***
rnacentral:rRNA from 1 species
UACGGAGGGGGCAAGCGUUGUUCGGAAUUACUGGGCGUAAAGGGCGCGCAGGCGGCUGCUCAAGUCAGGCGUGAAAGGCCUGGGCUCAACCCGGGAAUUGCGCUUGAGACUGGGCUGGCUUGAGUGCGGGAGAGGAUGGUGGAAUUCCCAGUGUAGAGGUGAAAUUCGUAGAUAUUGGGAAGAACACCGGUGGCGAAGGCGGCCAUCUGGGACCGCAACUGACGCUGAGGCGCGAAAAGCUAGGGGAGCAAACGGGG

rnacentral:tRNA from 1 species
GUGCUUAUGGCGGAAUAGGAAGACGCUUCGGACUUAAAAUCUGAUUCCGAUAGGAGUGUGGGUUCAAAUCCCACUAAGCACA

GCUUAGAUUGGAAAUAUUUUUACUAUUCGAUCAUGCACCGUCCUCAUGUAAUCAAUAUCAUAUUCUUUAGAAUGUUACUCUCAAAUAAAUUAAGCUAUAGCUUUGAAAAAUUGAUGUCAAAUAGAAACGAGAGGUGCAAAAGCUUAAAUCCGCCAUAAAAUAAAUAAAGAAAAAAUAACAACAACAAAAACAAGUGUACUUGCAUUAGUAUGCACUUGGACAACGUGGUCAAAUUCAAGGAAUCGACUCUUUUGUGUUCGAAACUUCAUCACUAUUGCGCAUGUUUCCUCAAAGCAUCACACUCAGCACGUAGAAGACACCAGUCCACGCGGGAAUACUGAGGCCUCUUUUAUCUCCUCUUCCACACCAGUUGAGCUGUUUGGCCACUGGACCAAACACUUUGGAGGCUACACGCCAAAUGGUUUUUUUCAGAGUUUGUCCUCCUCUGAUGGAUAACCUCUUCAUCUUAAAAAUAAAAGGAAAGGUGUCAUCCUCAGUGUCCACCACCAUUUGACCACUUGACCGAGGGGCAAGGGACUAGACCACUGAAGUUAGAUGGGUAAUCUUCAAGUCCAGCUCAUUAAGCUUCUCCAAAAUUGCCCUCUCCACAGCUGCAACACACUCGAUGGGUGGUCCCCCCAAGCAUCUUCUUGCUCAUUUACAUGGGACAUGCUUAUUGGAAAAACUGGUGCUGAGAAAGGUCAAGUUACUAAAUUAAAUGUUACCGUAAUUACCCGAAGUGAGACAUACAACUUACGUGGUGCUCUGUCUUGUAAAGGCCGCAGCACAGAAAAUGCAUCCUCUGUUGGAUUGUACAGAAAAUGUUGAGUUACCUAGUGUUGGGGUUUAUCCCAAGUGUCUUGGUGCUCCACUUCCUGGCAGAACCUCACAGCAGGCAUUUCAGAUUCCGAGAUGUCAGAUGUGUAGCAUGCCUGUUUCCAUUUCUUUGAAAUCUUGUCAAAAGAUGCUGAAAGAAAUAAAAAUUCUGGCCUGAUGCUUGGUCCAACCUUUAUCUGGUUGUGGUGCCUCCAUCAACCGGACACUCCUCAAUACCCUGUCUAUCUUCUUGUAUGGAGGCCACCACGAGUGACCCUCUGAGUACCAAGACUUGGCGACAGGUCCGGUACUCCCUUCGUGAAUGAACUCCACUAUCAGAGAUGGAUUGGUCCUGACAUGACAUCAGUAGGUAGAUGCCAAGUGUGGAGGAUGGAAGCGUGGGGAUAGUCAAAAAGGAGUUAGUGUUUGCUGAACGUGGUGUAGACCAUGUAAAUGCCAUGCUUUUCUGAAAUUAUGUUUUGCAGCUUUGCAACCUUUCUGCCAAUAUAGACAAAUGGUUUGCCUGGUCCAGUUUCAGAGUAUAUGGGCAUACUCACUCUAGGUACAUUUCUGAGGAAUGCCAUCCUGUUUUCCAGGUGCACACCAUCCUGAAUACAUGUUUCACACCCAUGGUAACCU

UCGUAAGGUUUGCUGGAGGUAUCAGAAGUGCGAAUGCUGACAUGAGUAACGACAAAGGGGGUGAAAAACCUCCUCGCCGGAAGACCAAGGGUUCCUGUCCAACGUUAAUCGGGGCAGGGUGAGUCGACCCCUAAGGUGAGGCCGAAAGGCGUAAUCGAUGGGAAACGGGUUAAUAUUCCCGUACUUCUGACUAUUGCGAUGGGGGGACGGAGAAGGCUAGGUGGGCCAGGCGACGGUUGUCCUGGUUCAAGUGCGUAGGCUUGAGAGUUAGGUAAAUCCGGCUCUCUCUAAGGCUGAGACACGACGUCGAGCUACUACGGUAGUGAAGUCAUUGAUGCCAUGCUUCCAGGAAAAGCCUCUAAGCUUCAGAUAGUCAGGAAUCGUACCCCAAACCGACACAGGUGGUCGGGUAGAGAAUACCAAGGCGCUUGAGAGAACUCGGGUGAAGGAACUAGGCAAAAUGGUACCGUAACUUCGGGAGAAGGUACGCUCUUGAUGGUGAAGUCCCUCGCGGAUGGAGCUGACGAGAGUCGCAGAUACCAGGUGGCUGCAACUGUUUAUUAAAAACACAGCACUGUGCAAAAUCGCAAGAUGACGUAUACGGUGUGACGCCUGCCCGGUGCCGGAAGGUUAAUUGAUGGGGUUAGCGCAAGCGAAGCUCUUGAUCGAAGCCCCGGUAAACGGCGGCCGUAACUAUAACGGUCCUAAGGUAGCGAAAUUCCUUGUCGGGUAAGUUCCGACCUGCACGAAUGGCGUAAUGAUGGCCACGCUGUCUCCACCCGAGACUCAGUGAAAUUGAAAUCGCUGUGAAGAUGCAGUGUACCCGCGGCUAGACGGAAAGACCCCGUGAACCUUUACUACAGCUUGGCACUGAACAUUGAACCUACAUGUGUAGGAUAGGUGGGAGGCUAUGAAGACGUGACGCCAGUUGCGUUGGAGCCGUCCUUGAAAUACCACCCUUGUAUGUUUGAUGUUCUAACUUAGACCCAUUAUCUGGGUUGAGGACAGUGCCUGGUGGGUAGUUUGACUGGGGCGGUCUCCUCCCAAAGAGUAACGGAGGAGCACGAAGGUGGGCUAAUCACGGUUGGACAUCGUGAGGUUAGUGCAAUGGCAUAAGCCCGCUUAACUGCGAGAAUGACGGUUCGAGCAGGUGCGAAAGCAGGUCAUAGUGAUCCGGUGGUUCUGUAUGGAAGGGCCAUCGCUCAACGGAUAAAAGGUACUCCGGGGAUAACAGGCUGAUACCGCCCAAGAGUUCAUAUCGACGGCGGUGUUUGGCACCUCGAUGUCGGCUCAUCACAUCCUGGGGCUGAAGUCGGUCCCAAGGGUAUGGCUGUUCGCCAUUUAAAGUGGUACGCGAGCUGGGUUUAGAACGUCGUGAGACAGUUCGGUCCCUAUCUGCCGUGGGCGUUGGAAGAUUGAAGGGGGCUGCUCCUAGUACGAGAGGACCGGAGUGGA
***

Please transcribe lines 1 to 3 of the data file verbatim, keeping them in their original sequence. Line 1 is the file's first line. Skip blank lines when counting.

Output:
rnacentral:rRNA from 1 species
UACGGAGGGGGCAAGCGUUGUUCGGAAUUACUGGGCGUAAAGGGCGCGCAGGCGGCUGCUCAAGUCAGGCGUGAAAGGCCUGGGCUCAACCCGGGAAUUGCGCUUGAGACUGGGCUGGCUUGAGUGCGGGAGAGGAUGGUGGAAUUCCCAGUGUAGAGGUGAAAUUCGUAGAUAUUGGGAAGAACACCGGUGGCGAAGGCGGCCAUCUGGGACCGCAACUGACGCUGAGGCGCGAAAAGCUAGGGGAGCAAACGGGG

rnacentral:tRNA from 1 species